4.16Top: Schematic of the measurement system [39] employed in this work, equipped for the measurement methods presented in this section. Analog and digital subsystems colored in blue and orange, respectively; control signals omitted for clarity. As compared to Figure 4.3 for channel current measurements, an additional sampling unit included to measure the phase of the input signal for CV and DLTS measurements. Bottom: Possible configurations for gate and bulk current measurements. For CV measurements both the gate or the bulk current can be used to measure the MOS capacitance. Especially when testing devices on a wafer this decision may however influence the noise level of the measurement. Source and drain terminals—if available on the test structure—may either be shorted to bulk or supplied separately (as shown), in case the gate current is measured optionally with or without the AC signal. Depending on the chosen configuration the gate-source and gate-drain capacitances may be included in the measurement.

4.17 Capacitance-voltage measurement. (a) DUT connected for measurement. (b) DUT in the various operation schemes with illustrated equivalent capacitance. In the depletion regime there are no free charges close to the interface. This can be interpreted as an increase in spacing between the plates of the equivalent capacitor. This in turn lowers the capacitance and gives the CV curve its characteristic shape. (c) Voltage and current signals during measurement. The phase and amplitudes of the voltage and current signals give the sought-after impedance. The offset voltage is swept in a staircase-like manner during the measurement. (d) Exemplary results of a CV measurement at multiple frequencies. The accumulation and inversion branches almost reach the oxide capacitance, while the capacitance in depletion is much lower. The inversion branch is generally steeper than the accumulation branch.

4.18 Extraction of the phase difference from a CV measurement. The current signal is mixed with the original voltage signal (left) and a phase-shifted signal (right). This gives signals with their sum and difference frequencies, i.e. \( 2\omega \sub {0} \) and \( 0\omega \sub {0} \). After low-pass filtering or integrating, the DC I and Q signals which are proportional to the imaginary and real parts of the current remain.

4.19 The CP technique. (a) DUT during measurement. During the high bias phase defects charge with minorities supplied from source and drain. In the following low bias phase, the minorities are emitted and recombine with majorities sourced from the bulk. Their amount is measured as the bulk current. (b) Gate voltage and bulk current during measurement. (c) Gate voltage parameters for the two measurement schemes. (d) Illustration of a measurement result.

4.20 Illustration of deep-level transient spectroscopy using rate windows. As the temperature of the sample is increased, the time constants of defects in the device decrease. Once the response time of a defect band coincides with the chosen rate window given by \( t\sub {1,2} \), the difference between the capacitance at these points—the DLTS signal—increases. At even higher temperatures the defects responses get too fast and the signal decreases again.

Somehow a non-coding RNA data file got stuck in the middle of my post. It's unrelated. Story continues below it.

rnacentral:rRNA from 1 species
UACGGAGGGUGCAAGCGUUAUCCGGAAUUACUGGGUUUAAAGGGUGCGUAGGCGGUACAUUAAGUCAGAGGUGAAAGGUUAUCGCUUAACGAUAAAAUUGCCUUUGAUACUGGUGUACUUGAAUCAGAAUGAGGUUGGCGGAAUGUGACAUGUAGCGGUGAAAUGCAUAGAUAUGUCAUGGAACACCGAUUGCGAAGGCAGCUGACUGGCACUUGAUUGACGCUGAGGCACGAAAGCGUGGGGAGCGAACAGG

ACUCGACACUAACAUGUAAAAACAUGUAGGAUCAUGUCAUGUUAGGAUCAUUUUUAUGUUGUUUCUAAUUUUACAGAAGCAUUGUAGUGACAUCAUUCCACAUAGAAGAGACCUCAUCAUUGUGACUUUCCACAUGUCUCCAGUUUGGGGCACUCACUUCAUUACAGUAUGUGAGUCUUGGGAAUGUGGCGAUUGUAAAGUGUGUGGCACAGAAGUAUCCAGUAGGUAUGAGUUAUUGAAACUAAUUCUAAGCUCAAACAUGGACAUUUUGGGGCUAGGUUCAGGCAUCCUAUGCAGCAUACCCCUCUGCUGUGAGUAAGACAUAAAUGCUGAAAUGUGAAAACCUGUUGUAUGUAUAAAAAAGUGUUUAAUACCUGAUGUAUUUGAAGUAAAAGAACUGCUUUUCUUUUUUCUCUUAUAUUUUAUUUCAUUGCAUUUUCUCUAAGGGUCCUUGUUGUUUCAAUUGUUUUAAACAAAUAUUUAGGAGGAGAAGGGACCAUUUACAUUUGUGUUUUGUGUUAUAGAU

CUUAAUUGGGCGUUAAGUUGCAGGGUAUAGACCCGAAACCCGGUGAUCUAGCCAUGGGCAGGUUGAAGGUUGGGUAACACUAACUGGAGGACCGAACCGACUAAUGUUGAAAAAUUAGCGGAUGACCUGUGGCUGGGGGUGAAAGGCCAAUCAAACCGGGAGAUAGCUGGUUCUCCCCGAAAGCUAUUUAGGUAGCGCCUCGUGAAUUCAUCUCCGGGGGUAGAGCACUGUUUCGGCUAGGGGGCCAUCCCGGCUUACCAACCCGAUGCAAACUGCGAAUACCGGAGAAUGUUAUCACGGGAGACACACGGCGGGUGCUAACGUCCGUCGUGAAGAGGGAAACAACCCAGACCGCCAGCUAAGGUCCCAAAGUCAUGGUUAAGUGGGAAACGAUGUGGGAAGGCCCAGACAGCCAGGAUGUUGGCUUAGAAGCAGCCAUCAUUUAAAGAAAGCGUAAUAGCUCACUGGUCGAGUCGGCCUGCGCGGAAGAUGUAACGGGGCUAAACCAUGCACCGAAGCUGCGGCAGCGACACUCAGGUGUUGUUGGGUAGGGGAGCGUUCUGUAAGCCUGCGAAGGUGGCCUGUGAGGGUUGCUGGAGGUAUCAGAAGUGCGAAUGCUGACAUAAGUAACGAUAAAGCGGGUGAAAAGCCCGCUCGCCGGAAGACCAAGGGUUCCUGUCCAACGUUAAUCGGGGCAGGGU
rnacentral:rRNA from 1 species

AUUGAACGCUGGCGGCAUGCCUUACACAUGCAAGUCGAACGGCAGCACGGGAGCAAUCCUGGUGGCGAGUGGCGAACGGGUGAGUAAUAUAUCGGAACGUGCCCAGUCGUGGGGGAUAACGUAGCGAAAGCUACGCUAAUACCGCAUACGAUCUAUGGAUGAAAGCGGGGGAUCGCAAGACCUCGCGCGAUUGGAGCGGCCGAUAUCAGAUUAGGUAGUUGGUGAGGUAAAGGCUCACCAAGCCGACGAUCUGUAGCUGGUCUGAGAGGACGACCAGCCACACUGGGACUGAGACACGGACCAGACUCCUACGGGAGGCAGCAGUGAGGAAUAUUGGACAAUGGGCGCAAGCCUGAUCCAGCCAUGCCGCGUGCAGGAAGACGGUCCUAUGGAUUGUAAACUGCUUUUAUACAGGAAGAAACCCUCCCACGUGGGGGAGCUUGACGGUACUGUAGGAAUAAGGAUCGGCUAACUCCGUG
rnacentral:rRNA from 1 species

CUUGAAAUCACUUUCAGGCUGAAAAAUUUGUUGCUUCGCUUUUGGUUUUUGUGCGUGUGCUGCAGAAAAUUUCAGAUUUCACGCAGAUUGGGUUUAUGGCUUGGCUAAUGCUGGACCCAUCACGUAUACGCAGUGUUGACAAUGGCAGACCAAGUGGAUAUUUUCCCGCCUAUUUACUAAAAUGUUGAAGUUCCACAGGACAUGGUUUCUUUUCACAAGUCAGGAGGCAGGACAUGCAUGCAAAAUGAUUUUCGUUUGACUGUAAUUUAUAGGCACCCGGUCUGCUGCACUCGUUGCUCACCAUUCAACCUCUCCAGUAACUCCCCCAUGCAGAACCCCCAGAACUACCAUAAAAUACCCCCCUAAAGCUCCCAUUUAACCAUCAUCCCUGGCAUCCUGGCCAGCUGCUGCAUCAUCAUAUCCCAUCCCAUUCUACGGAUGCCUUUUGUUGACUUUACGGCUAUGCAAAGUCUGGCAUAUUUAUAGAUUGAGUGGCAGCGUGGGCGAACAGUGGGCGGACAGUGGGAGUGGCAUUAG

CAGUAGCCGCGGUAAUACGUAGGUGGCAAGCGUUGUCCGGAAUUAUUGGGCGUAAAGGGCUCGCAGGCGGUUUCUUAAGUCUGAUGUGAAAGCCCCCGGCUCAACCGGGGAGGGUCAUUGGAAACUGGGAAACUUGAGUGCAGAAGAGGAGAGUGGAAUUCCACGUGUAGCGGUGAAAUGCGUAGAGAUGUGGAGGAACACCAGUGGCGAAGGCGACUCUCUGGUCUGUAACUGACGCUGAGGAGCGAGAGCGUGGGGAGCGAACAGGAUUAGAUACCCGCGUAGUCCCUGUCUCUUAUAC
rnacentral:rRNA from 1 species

4.21 DCIV measurement in the top emitter configuration. The drain and source diodes are slightly forward biased, causing minority injection into the space charge region. As the voltage is swept from accumulation to inversion, defect charges recombine with the injected minorities. This causes majorities to move towards the space charge region, in turn creating a measurable bulk current. The scale of this current depends on the number of defects discharging, as illustrated on the right.

4.22 Principle of EPR spectroscopy. (a) A sample is placed in a homogeneous magnetic field and irradiated by microwave radiation. (b) The magnetic field causes the energy levels of unpaired electrons to split due to the Zeeman effect. When the split caused by the magnetic field coincides with the microwave energy, the absorption peaks.

4.23 Principle of XPS. (a) X-ray photons are directed at the target. Upon collision they remove an electron from an atom. The electron moves to the sample surface and is emitted with an kinetic energy \( E\sub {k} \). The binding energy of the electron can then be calculated from the detected energy and the work functions of the sample and the detector. The probed depth can be influenced by the angle of the detector. (b) The resulting peaks in the observed binding energies can be linked to the targeted species and their concentrations. Graph from [112]

4.24 Principle of SIMS. (a) The sample is sputtered with ions. Upon collision they remove ions from the sample. These secondary ions are then analyzed in a mass spectrometer. (b) Exemplary results: the composition of the removed material over time is seen in the output of the mass spectrometer. Measurement results from [113]

5.1 Exemplary RTN signals (a) extracted using histograms (b,c) and time lag plots (d,e). The original RTN signal is shown in blue. The corresponding histogram (b) shows four partially overlapping peaks, indicating two defects. The time lag plot (d) shows the same peaks, but with better separation. In addition, the transitions between the states are shown in the off-diagonals. For the orange signal, a linear drift of 1.5 µV/s was added to show the influence of drift and low-frequency noise. Due to the drift, both the corresponding histogram (c) and time lag plot (e) show deformed peaks and it becomes difficult to distinguish the small defect. Originally published in [BSJ1]